One of the liveliest, best attended 108 Greenbelt Commission meetings in recent memory June 13, ended with the commissioners being accorded a vote of confidence to proceed with their fuel modification plan aimed at reducing the fire hazard risk on 108 Ranch. Some 85 residents were at the 108 Community Hall to hear Chris Betuzzi (left), from the Ministry of Forests, explain the fire danger to the community while illustrating the Ministry's FireSmart Program outlining ways in which homes and properties might be made fire safe. Commission Chair Graham Allison, and Cariboo Regional District (CRD) Director, Al Richmond outlined the fuel modification plan, and Fire Chief Ian Henderson explained the 108 Volunteer Fire Department role in the program. The meeting began with an overview of the current work being done by a crew hired under a $75,000 HRDC grant to take out dead trees, thin and clean up underbrush, and generally reduce the fuel available to fire at various locations around 108 Mile. Richmond announced that application had been made for an additional grant of $10,000 to update the community fire plan which had been prepared prior to the pine beetle infestation. A number of questions directed at the various speakers throughout the evening related to wildlife concerns, the impact on the environment and wildlife resulting from burning, and the removal of apparently healthy trees, among other issues. On occasion the atmosphere became a trifle testy. Moderation prevailed and speaker after speaker, while acknowledging that these legitimate concerns should be taken into consideration by the commission in formulating its plans, thanked the commissioners for their hard work, and recommended that they continue with the plan as outlined.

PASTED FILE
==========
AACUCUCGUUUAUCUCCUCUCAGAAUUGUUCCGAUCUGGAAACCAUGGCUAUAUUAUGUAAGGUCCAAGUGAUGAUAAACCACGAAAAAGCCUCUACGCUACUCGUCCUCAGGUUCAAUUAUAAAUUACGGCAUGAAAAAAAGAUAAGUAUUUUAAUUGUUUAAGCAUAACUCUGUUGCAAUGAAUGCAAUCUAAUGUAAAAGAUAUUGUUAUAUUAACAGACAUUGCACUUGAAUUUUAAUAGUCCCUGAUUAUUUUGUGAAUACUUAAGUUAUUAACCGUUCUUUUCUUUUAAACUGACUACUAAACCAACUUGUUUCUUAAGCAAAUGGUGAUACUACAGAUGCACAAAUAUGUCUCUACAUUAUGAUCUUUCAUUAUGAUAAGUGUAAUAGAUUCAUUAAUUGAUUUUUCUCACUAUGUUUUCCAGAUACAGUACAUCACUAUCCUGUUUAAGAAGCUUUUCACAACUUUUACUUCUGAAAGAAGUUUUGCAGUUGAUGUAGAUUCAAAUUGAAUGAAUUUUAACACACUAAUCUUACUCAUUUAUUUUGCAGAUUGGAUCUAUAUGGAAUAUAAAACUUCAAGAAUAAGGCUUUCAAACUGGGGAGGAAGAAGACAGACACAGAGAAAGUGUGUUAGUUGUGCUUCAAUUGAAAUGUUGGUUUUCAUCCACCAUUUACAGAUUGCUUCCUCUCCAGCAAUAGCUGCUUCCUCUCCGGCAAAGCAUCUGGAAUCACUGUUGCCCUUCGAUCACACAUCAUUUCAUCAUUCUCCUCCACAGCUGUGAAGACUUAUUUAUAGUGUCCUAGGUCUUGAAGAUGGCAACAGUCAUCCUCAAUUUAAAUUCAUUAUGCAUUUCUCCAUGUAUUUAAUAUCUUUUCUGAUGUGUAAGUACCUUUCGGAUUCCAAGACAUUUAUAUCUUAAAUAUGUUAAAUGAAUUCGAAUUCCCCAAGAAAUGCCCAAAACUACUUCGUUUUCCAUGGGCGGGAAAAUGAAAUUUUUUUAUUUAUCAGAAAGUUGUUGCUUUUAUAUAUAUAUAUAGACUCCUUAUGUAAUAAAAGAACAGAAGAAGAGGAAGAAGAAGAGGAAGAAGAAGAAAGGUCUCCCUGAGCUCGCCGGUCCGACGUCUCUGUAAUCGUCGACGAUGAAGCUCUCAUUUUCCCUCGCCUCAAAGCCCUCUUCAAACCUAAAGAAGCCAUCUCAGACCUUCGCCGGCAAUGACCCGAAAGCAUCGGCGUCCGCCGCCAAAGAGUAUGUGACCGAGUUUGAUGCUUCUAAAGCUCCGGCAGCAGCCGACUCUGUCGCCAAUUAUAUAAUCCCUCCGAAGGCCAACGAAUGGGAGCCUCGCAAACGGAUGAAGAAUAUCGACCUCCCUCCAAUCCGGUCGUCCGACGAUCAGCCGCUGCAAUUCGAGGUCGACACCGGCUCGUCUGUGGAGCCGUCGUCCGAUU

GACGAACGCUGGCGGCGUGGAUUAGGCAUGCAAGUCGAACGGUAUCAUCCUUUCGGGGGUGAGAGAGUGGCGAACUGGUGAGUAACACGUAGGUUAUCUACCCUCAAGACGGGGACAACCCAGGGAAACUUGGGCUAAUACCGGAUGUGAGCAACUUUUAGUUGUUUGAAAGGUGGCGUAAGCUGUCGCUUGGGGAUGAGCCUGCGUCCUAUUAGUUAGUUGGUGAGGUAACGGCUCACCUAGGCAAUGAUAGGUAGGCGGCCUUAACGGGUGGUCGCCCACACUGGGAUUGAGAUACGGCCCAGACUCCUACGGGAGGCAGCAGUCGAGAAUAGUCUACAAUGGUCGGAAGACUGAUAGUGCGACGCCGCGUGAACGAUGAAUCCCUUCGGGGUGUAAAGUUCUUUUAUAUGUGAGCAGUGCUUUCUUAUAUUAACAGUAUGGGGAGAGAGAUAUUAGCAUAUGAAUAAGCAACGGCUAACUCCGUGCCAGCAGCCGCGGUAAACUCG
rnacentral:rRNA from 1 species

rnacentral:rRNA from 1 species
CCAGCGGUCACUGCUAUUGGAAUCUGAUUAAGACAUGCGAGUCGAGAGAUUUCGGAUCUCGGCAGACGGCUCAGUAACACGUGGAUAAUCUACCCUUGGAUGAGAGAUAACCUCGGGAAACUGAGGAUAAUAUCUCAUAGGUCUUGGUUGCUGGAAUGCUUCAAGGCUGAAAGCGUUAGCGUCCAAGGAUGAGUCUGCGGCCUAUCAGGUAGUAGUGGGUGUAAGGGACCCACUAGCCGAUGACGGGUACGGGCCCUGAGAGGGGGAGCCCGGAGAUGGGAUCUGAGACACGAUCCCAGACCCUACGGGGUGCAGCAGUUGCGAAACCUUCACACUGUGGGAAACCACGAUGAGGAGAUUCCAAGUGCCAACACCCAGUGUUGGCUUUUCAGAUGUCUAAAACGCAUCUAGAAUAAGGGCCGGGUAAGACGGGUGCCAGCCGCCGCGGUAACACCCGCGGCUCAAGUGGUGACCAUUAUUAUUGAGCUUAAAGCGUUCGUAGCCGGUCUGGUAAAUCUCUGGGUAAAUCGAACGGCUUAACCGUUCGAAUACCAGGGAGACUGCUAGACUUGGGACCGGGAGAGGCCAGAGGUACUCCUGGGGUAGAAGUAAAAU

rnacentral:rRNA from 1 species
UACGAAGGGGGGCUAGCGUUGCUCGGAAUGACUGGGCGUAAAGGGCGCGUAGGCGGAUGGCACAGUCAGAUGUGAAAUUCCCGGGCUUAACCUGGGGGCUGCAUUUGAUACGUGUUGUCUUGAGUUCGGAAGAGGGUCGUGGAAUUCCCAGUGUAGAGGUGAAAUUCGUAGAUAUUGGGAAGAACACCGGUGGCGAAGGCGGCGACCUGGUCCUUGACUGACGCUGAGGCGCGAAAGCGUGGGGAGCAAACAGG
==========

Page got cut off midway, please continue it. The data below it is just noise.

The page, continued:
Greenbelt meeting was a lively affair